The cost of adopting a dog depends on many different factors, like the city or state you’re adopting in, the breed of the dog, the age of the dog and the policies of the individual rescue group.
Keep in mind that another benefit of adopting a dog is that she’ll come with many initial veterinary expenses already taken care of, like:
Can you adopt a purebred from a shelter?
Contrary to popular belief, you can TOTALLY adopt a purebred from a shelter! Puppies are also available!
Since rescues come from all different backgrounds — and shelters often take in pregnant mamas or purebreds rescued from a backyard breeder — there are tons of opportunities to find the breed you’re looking for.
In fact, if you do a bit of research, you can probably even find a rescue dedicated to the breed you’re looking for! These are a few breed-specific ones:
What questions should I ask when adopting a dog?
When heading to the rescue, it’s best to know the right questions to ask when adopting a dog.
These questions will help you learn about your favorite dog’s background — so learning about how the rescue ended up with the pup, their approximate age and so on.
Others questions should be medical related — so you can find out if the dog is fixed, if he has any underlying medical issues or if he needs a special diet.
And others questions should be behavioral — to find out how the dog is around kids and other pets, or if he has issues like separation anxiety.
Going in with smart questions will help you know exactly what extra care a dog might need, so you can be sure a dog is right for you before you bring him home.
Do rescue dogs need special training?
While one benefit of adopting a dog means yours might come already trained — SCORE! — you might also be wondering if a rescue needs any special training!
It very much depends on your individual dog’s background — but in most cases, nope! While you do want to let your dog decompress when he first gets home, once he’s adjusted, you can housebreak him (if needed) or go ahead and train him like you would any other dog or puppy!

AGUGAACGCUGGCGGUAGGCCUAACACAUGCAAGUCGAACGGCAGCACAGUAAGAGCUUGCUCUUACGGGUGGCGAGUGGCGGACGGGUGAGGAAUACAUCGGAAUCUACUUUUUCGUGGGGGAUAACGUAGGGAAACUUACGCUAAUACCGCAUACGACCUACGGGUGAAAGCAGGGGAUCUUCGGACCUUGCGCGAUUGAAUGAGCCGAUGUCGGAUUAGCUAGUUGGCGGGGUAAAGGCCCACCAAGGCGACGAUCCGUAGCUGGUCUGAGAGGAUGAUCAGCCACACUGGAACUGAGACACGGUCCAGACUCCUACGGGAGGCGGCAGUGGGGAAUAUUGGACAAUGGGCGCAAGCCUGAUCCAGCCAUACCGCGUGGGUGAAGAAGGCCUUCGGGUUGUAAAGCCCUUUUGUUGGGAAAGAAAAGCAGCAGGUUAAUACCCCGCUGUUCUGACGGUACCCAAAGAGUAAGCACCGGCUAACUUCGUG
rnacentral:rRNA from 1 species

How do I find the right dog for me?
When looking for the right dog for you and your family, it’s best to head to the shelter or rescue with a solid idea of what you absolutely need in a dog — and also anything you definitely can’t deal with.
This helps you and the rescue staff really narrow down the available pups so that you can find the perfect one to match your lifestyle.
Tips for bringing your dog home
Some helpful tips to keep in mind when you first bring your new dog home include:
Prepare your home ahead of time
Before you even pick her up, you’ll want to prepare your home for your new rescue dog.
This means having everything she’ll need ready to go — like food, a bed, blankets, collars and leashes.
Let her decompress
You’ll also want to remember that your dog will need plenty of time to decompress when she first gets home.
This is just to give her tons of space and time to adjust to her new surroundings, rather than immediately trying to play and cuddle with her. It’s a totally normal process and will work wonders to make sure she isn’t too overwhelmed with all the newness!
What if I want to return an adopted dog?
Make sure you know the shelter’s return policy before adopting your dog, and remember that you’re committing to the pup you choose for life.
And while there are unfortunate situations where returning a rescue dog is a possibility, remember that the vast majority of issues you’ll face as a new dog owner are fixable with the help of a vet or trainer.
While adopting a dog is one of the best things in life, it can definitely be a little overwhelming at first! Just take each step one at a time — and get ready for some of the best cuddles you could ever imagine!